August 7, 2022

Where I come from: a poetry project preserves the memories of the elders

Bill thomas: Hi, I’m Bill Thomas from Prairie Public. When the pandemic hit us, many people rightly questioned the possibility of continuing. You can imagine that this would apply particularly to a project for the elderly, since they have been repeatedly identified as very vulnerable. But at Burleigh County Senior Center, they used an Arts for Life grant from the North Dakota Council On the Arts to do a poetry project based on a kind of model, Where I’m From. Lisa Bennett works at Burleigh County Seniors’ Centers where she completed this project. And she reads a poem produced, despite the pandemic.

Lisa Bennett: I’m from Dust, from Norma Nichols. “I come from the dust, the sealer and the comet.

I’m from the brown painted house in the heart of town, which we repair every year.

I come from the sunflower, the apple tree and the dried apples that we took out of it.

I am easter ham, and honest and trustworthy.

I’m from Edward and Bee. I come from baking oatmeal buns that would melt in your mouth, carpentry, and being on time.

I just swam half an hour after lunch, and just brooded blues music. I come from a long line of makers.

I come from New York to the Catskill and Irish descent, steak and potato mountains, going on vacation in the rain and coming home with heavy tents. Mom didn’t want to sleep in the water. Tall quilts and photos taken, and an old piece of hair hanging on the wall, a few hundred years old, looking like flowers made from the family’s hair. “April 2020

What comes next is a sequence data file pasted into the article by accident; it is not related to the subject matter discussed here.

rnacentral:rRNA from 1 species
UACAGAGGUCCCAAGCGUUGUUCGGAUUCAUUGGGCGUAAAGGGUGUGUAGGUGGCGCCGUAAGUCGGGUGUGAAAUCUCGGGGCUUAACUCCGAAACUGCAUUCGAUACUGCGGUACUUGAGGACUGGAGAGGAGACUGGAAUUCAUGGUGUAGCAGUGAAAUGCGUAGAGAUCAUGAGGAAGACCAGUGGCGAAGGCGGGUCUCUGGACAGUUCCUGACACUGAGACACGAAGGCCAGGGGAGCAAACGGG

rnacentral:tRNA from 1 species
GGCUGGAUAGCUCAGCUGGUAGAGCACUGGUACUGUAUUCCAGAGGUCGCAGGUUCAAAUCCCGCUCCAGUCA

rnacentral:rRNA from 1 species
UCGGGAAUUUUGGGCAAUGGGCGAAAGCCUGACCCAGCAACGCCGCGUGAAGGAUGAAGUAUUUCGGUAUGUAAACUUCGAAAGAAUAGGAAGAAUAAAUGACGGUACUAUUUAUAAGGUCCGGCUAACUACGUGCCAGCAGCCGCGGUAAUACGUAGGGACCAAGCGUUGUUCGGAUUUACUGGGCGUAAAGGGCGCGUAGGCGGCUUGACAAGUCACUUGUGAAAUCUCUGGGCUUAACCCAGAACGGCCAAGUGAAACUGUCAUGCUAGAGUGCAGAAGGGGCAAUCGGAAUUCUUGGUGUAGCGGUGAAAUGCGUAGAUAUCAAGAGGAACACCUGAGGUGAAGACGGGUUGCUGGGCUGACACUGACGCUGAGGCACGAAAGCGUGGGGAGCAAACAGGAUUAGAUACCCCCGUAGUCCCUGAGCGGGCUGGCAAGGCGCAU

Bill thomas: It makes you want to make one yourself, doesn’t it? Alicia Underlee Nelson wrote about this project.

Alicia Underlee Nelson: The poem is inspired by the obvious Burleigh County Senior Center alumni, and they go straight to your senses. The intoxicating scent of lilacs mingles with the fresh bread of a summer kitchen. Fibber McGee and Molly play on the radio while Grandma’s clock shows the time. The quiet moments that make up a life can be just as evocative as the big milestones. The lives of 14 people are captured in a series of sensory snapshots that put the reader in the subject’s skin.

The truth of these poems is tucked away in dozens of little details that history often overlooks. It’s in the bark of the gnarled oak tree, hollowing out the backs of your knees as you hang from its branches upside down. The crumpling of a brown paper bag of Christmas trees. The tangy taste of blueberry jelly on the tongue. Seniors are served by the Burleigh County Senior Center in Bismark, live in their own residences, and come to the Center for classes, activities and meals. Social distancing measures that are slowing the spread of the coronavirus have made community building a challenge. Thus, site manager Lisa Bennett felt that the poetry project, which could be conducted remotely, was a responsible and timely way to use the Art for Life grant from the Dakota Arts Council establishment of North and deal with feelings aroused by a health crisis.